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First there was one, then there were two...

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And now, there are three.

Three what? Three projects comprising Asylum itself. In the beginning, Asylum was monolithic, a single asylum.exe that held all the game code. Then, I spun the engine out from the game, giving me asylum.exe and asylum.dll. Today, I spun the platform-specific code from the engine, which now rests in asylum.exe, while the engine code is in engine.dll. The file formerly known as asylum.dll is now asylum/game.dll and game resources now share a folder with it.

Why did I do this? Because I needed a way to provide services to the game DLL from the engine, without going through callback hell. So, now asylum.exe calls game_main in engine.dll, passing along a struct of function pointers (well, virtual functions) as well as argc and argv. (For Win32 I've had to chop WinMain's lpCmdLine to make argc and argv. I'd show how, but there's more than enough code out on the internet that already demonstrates it.) The game DLL depends on the engine DLL (implicit dynamic linking) while the engine DLL is only interested in what the game DLL registers with it (game states, entities, etc). The engine DLL depends on the executable (reverse explicit dynamic linking -- that means that the executable calls LoadLibrary or dlopen on the DLL rather than the other way around) and when the engine's entry point, game_main, is called, it gets from the executable what it needs.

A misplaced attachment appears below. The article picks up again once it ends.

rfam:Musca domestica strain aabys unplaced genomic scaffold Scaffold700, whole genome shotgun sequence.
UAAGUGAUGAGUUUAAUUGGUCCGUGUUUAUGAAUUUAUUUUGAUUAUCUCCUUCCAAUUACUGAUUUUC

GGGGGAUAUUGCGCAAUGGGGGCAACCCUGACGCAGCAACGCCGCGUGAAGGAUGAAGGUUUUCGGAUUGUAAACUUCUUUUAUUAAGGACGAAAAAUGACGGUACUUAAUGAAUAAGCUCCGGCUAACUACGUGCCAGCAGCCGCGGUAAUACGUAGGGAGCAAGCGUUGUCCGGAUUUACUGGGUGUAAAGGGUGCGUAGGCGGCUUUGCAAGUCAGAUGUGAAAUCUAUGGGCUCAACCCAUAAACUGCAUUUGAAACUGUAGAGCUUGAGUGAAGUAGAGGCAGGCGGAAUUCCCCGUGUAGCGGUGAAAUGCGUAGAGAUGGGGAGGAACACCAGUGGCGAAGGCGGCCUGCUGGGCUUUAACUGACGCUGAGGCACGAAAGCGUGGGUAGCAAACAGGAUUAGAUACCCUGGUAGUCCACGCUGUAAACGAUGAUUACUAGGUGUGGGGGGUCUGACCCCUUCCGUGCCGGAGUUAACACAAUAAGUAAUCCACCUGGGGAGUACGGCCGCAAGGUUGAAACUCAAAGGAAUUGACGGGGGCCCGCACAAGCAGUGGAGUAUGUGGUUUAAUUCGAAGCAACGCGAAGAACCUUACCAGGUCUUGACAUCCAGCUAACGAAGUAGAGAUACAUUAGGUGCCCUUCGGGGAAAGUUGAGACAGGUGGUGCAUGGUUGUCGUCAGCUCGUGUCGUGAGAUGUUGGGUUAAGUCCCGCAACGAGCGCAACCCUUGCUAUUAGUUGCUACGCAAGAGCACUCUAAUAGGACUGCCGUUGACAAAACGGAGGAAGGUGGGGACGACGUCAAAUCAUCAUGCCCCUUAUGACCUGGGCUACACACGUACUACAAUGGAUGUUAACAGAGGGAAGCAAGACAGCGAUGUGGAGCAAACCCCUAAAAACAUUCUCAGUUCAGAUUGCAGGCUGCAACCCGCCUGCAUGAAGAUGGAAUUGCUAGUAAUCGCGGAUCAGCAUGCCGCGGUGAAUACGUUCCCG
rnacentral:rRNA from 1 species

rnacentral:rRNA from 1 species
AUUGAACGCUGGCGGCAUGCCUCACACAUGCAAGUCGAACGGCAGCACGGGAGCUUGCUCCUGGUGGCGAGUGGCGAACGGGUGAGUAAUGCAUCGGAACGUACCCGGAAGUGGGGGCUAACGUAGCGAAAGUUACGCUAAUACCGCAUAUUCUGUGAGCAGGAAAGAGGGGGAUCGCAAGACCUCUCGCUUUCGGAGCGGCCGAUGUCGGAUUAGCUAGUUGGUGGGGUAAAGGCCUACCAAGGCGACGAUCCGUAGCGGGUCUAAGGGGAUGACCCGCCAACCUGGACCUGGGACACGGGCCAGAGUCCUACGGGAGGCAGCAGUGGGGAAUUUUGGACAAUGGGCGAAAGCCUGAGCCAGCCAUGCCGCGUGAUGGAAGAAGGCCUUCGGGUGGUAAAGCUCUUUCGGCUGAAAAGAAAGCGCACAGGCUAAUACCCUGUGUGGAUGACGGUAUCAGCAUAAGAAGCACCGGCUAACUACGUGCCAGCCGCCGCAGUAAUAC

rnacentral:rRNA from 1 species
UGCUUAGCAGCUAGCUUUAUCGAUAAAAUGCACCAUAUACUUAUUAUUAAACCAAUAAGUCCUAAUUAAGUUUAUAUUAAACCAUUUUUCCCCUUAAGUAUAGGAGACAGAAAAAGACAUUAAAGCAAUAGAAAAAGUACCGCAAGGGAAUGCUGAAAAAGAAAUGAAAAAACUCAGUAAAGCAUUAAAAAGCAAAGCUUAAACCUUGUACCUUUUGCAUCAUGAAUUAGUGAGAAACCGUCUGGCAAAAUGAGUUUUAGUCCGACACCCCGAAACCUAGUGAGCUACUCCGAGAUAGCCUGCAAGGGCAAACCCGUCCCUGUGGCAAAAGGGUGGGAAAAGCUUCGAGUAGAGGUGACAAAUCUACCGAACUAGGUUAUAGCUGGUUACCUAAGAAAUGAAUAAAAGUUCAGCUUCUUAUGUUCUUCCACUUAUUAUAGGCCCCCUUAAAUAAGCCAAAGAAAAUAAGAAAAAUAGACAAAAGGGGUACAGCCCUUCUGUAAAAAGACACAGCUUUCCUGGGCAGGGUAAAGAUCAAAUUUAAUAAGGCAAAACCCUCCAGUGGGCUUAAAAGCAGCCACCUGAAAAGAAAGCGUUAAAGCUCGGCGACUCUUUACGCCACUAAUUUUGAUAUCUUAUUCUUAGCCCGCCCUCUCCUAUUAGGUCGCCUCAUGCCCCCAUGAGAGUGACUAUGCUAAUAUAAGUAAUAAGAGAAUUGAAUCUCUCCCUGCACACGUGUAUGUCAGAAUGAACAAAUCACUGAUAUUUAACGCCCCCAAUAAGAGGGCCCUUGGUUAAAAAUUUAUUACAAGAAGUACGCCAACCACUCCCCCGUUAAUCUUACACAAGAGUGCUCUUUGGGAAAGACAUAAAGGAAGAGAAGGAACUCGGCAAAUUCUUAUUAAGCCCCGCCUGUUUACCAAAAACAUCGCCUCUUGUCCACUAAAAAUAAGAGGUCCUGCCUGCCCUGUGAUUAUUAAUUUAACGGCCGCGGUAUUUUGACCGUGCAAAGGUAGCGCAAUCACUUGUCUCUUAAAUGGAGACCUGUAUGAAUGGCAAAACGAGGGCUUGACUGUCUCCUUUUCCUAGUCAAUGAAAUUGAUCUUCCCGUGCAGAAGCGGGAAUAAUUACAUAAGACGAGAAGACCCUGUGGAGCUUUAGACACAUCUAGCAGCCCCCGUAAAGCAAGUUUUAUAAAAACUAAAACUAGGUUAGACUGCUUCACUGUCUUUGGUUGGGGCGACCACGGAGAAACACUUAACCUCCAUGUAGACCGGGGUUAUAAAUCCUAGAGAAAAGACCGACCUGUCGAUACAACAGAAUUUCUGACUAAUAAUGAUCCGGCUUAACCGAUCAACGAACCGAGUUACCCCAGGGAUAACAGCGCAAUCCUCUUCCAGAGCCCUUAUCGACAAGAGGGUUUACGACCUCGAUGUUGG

So far there's pretty much no platform specific code in engine.dll or game.dll, so to get Asylum building on other platforms all I need is to implement the platform specific side of things (getLibraryHandle, getLibraryFunction, getDirectoryPath, etc) and pass along control to game_main. Easier done than said.

Asylum stats:
[font="Courier New"]Total lines of code: 5536
Source files: 77 (doesn't count pch related files or resource files)

Mean lines/file: 71.89610
Median lines/file: 50
Mode lines/file: 32

Most lines: 343
Least lines: 17[/font]
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Original post by coldacid
(For Win32 I've had to chop WinMain's lpCmdLine to make argc and argv. I'd show how, but there's more than enough code out on the internet that already demonstrates it.)

For VC you can just use the global variables __argc and __argv. There's also a __wargv for Unicode as well but in my simple test it didn't work and MSDN is not cooperating. There is also CommandLineToArgvW which should work with any Win32 compiler. It's Unicode only.

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Well, too late for that now. I needed to do something similar with a std::string in the console too, so platform-specific ways of doing this were out of the question anyway.

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